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Major Nigel Henson (RLI), book review

Updated: Aug 28, 2023

Nigel Henson, is a highly regarded RLI Officer, with much recognised combat experience and was the countries longest serving Fire Force Commander. Here is his review of Battle For Hurungwe.


"During the Bush War conflict in the 1970's, I was accustomed in my role as an Army Commander in the Fire Force to meeting new faces on a daily basis as we traversed the country in response to calls by deployed Security Forces for our assistance.


I met John Padbury three or four times during the course of my travels, the first time when we were based on a forward airfield at Montesuma Farm, a short distance south of Karoi in December 1978. Apart from the irregular forces under Padbury' s control, there were few other intelligence gathering agencies in the area and ZIPRA were dominant in the area.


Padbury came to see me as soon as we arrived and we went on indications in a PRAW aircraft together with an African male. Flying north for about 10 minutes, the man indicated with certainty an area of supposed enemy occupation. I was initially skeptical of this as experience had taught me that very rarely were these indications fruitful. However we deployed the Fire Force to the map area plotted and were soon after in contact with a ZIPRA gang , eventually eliminating most of them.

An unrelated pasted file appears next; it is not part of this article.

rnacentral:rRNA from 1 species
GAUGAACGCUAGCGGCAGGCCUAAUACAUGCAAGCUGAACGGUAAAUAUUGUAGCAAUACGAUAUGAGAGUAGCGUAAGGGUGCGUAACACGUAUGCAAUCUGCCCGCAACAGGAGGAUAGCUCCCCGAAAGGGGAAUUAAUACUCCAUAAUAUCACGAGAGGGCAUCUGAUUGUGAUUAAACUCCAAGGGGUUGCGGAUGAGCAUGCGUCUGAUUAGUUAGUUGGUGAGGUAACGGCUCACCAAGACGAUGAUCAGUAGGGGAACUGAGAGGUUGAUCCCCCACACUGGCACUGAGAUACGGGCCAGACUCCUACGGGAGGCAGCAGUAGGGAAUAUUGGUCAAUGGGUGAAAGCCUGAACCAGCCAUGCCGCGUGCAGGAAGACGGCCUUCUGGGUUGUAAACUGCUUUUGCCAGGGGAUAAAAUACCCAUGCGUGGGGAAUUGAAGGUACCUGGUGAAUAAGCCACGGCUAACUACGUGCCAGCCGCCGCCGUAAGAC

This was a pattern set to repeat itself over the next few days, and I developed a healthy respect for Padbury and his unconventional methodology that were responsible for our success. This modus operandi was repeated afterwards when we were again deployed to Karoi Country Club following the downing of Viscount Umniati in early 1979.


I have read with some interest this book and compliment the author on his meticulous research, not only during its compilation, but also for the professional and innovative manner in which he executed his duties nearly 45 years ago.


The author's views on the conduct of the conflict and the political climate will not necessary find resonance with many of those involved, for the passage of time will have only entrenched their views.


I too have expressed much disquiet about these issues in my book and in other media, for the paucity of long term planning on both these fronts merely added to the burden that those in the field were expected to shoulder.


Nevertheless. those seeking to explore further the many issues that dog opinion today will find this book fertile ground to till.


A good read! Well done!"




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Book Review Neil Petrie

Battle for Hurungwe, by John Padbury is essential reading for those interested in the Rhodesian conflict, irregular warfare and national strategy. It is a personal but professionally produced work cov

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